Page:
Thursday, June 24, 2004

While that may, indeed,
be my favorite Conan quote, I don't believe it is my favorite Schwartzenegger quote. That'd have to be something like, "I am the party pooper," or any of the silly things he had to say in Hercules in New York.
Joe's favorite Conan quote
has resurfaced (look under Quote of the Day II). At least he didn't say, "Diddle an intern".
Not my network, damn it!
Florida is looking at taxing home networks
In 1985 the state passed a law to tax businesses using their own communications networks, because otherwise the state could not collect tax revenue on the businesses' local telephone service. In 2001, that law was expanded to make 'any system that is used for voice or data that connects multiple users with the use of switching or routing technology' taxable up to 16 percent.

The law is so broad that it would apply to networked computers, wireless services, two-way radios and even fax machines -- or 'substitute communications systems,' as the state calls them. The tax would be applicable (PDF) to the costs of operating such a substitute communications system, not to the purchase of the system's components.


If the law is implemented, Florida would have the most wide-reaching state tax on technology. But it may not be the last -- state officials estimate enforcement of the tax could bring in more than $1 billion a year in revenue for the state.
We're doomed. If Florida will really see that much revenue, it'll spread to every other state. Ay curamba!
Right Thinking
has a flyer on Michael Moore's, uh, lameness available for download.

Wednesday, June 23, 2004

This is a great story.
Read the whole thing.

Tuesday, June 22, 2004

Jonathan H. Adler is obviously not an R.E.M. fan,
or else he would have referred to their song in his piece on the Cuyahoga River. It's an oldy but a goody from the mid-80's off the Life's Rich Pageant album (my favorite, as it happens), and the bass line is fun to play.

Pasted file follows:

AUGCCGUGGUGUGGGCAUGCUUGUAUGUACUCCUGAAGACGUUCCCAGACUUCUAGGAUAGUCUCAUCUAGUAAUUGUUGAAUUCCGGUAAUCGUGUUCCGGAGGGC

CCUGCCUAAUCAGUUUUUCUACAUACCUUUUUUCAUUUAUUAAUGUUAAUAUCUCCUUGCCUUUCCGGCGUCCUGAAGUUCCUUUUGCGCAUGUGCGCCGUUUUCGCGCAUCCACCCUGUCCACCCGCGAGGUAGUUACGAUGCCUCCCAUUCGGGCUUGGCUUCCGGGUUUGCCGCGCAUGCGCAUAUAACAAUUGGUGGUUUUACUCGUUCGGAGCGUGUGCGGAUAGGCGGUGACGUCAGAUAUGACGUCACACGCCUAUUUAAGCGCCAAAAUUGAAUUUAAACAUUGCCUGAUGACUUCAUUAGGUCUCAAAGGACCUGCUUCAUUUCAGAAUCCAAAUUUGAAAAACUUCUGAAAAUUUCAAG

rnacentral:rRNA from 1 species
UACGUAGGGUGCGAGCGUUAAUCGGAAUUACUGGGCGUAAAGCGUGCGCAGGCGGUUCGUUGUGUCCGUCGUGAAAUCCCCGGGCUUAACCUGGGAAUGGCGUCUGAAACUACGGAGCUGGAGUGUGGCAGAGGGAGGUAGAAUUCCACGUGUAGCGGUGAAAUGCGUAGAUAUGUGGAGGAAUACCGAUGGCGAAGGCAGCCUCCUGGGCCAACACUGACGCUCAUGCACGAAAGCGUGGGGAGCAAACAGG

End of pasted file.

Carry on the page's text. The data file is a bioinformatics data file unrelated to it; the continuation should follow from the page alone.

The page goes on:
Christopher Hitchens
shows Fahrenheit 911 no mercy. Good for him.

Monday, June 21, 2004

How Do you Fight a War on Terrorism
when you don't know who the terrorists are? This is the question posed by Staff Sgt. Jimmy Massey, formerly of the US Marine Corps. You can hear a BBC interview here.
Red and White Roses
I really love Wendy McElroy! She has been one of my favorite writers for many years. Today, I read her article about father's day. In it, I learned the meaning of the roses that I received from an anonymous friend:
Roses were chosen as the official flower of the first Father's Day, with white flowers to remember fathers who had died and red ones to honor the living.
I've been admiring those flowers every day and silently thanking my unknown friend. You see, I've been separated from my children since October. Whoever you are, I thank you for being my friend. I return the thoughts of peace with thoughts of peace. Blessings!
has the text of a speech delivered at a U.N. conference this morning about anti-semitism at the U.N. Of my many complaints about the U.N's asininity, this speech does a great job of highlighting its enourmous bias against the only democratic government in the Middle East.
Hat tip
to Andrew Sullivan for linking to this Trent Lott interview in the New York Times. The section I want to highlight is (italics in original):
Speaking of Mosul, how do you think the war in Iraq is going?

There are terrorists in Iraq who have been drawn into that part of the world. Every day we eliminate some of them; that's one more that won't be coming here.

What do you mean by eliminate them? Where are the terrorists and insurgents going to go?

Well, they are going to be killed. When they attack our troops, 20 or 30 or 40 at a time are being eliminated.

We can't kill everyone who hates America!

We can kill a lot of them, particularly when they try to kill us.

And you think that will lead to democracy in Iraq?

It's kind of like the song about New York. If it can succeed in Iraq, it can succeed anywhere.
Does the interviewer (Deborah Solomon) really believe that U.S. foreign policy equals killing everyone who disagrees? No, we kill those who try to kill us. That's not that difficult to understand.